CONFUSED about your continued business operations in Zimbabwe? At this time of the year, another conference seems to be the most sensible thing for business leaders t
o do when they meet next week during the Confederation of Zimbabwe Industries (CZI) annual congress in the resort town of Nyanga.
Next week’s meeting will be held under the theme “The paradigm shift required to transform Zimbabwe’s economic fortunes.”
Since last year when the business leaders met in Victoria Falls, the operating environment for many firms has degenerated.
In fact, there are now fears that the country could be sliding to the 2003 levels, effectively rendering meaningless the “gains” that were made last year.
Before the latest recession, the country had recorded major improvements which included a decline of inflation from 622% in January 2004 to 123,7% in March this year. But the inflation has started going up and is currently sitting on 254,8%.
There were also major improvements in foreign currency inflows which went up by 486% last year.
Yellow metal inflows increased by 80% in terms of volumes and, above all, there was stabilisation and restructuring of the financial sector.
The gains were achieved after the government and the central bank embarked on a turnaround programme which included wide consultations with various stakeholders.
Tight controls of money supply along with the targeted support for the productive sectors of the economy were used to rein in inflation.
Last year, government maintained unusual fiscal discipline. During the same time, the auction system was introduced to give a more effective means of managing the country’s foreign currency inflows. To an extent, this translated into a more viable exchange for exporters.
However, 12 months down the line, the business sector appears somewhat bleak.
The auction system has stopped working because of inadequate foreign currency inflows from the diaspora.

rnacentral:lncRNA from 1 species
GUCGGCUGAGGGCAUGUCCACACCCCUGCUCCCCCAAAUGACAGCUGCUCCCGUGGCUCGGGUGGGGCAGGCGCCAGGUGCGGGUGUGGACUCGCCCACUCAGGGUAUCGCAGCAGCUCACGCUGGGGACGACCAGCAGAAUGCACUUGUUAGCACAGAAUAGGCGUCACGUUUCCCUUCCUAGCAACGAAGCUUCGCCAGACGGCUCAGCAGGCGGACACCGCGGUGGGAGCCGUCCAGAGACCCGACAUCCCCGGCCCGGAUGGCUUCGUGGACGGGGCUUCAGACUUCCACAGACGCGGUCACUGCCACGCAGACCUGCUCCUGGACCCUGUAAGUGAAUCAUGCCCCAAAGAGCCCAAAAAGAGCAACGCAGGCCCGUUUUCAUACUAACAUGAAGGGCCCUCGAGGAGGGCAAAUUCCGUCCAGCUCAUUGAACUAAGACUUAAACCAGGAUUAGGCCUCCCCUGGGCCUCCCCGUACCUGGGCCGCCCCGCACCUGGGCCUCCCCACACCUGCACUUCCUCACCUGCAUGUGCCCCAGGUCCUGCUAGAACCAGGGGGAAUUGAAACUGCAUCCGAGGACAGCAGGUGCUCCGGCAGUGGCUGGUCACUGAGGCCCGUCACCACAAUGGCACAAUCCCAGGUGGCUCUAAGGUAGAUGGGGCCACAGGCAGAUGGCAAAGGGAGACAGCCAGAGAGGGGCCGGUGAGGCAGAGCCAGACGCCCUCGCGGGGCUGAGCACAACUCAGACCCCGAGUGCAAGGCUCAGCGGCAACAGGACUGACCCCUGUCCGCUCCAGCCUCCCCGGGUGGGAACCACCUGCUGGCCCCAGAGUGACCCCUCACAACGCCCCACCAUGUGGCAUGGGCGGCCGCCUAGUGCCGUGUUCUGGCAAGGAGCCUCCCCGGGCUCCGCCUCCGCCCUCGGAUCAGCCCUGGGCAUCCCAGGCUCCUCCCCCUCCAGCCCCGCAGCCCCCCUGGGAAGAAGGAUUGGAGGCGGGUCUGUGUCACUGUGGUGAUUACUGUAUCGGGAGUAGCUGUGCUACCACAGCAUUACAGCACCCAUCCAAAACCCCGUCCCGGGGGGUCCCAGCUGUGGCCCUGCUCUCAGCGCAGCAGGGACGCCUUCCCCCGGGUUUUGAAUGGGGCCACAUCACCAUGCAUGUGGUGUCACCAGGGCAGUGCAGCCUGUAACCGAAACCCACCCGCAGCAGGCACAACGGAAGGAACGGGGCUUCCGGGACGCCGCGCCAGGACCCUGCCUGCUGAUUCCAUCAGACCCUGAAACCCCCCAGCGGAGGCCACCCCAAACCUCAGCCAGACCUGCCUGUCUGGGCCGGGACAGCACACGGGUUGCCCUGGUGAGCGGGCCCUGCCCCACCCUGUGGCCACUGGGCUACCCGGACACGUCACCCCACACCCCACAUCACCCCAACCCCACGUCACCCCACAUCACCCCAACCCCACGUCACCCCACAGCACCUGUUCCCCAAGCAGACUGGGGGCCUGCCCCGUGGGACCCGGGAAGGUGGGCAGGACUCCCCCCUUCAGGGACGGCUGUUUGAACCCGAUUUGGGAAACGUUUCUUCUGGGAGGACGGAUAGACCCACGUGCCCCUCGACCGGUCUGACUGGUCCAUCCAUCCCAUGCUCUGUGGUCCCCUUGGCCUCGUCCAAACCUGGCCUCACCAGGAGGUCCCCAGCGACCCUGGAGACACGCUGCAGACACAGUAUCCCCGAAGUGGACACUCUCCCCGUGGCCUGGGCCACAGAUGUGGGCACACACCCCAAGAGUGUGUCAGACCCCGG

On August 22 bids amounted to US$142 million against an offer of US$12,5 million, representing a rejection rate of about 92%.
For business, hard currency is needed for operations.
The foreign currency blues are also causing scarcities in other sectors of the economy, effectively distorting supply patterns.
The shortages have also led to the resurgence of foreign currency trade on parallel market as well as a general shortage of goods which results in black market activities.
Fuel and other commodities are now being sold on the black market, whilst the auction rate is not viable for exporters.
Business is also facing tough interest rates while the business environment is again facing serious infrastructure problems such as unreliable water supplies.
Zesa requires attention while the transportation network is deteriorating as a result of the failure by the National Railways of Zimbabwe to operate effectively thereby exerting pressure on the road system.
What is needed now is a new approach which allows the exchange rate to be adjusted within a range not exceeding the month-on-month inflation rate.
There is also a need to review the foreign currency system on a quarterly basis or, as and when necessary.
At the same time there is need for the purchasing power parity exchange rate to be used as a guide for the determination of the actual exchange rate.
For a nation which is now under a rebuilding exercise, there is need for government to secure external support in order to ensure the supply of foreign currency, but again this will need the support of both business and labour.
Government should remove suspicion and make efforts to improve its relations with business and labour.
Government should also allow private players who can bring in foreign currency resources without limitations and without any questions being asked.
Liberalisation of financial markets as part of an economic recovery package should be undertaken.
Although the government has in the past steadfastly refused to liberalise the exchange rate, time is now ripe to consider it.
Once the economy is liberalised it will not be necessary to maintain the 5% concessionary lending scheme for exporters and the 25% cash incentives.
Under the liberalised system, exporters will be incentivised by the competitive exchange rate that will result.
Over the past six years, the application of a government exchange rate has been a major source of economic distortions.
There is now need for the government to acquire its foreign currency at the prevailing auction rate.
Although this might cause a strain on the government as it might increase expenditure and affect the fiscal balance, it is important that government be part of the “painful adjustment” to a realistic economic platform.
Once the foreign currency situation improves following the liberalisation of the exchange rate, the number of companies needing to maintain foreign currency accounts will be reduced.
Effectively this will mean that firms will now be able to access forex as and when they need it.
Once the economy is liberalised there will not be any need to maintain corporate foreign currency accounts, as they will be phased out.
Next week’s meeting is set to be attended by Industry and International Trade minister Obert Mpofu.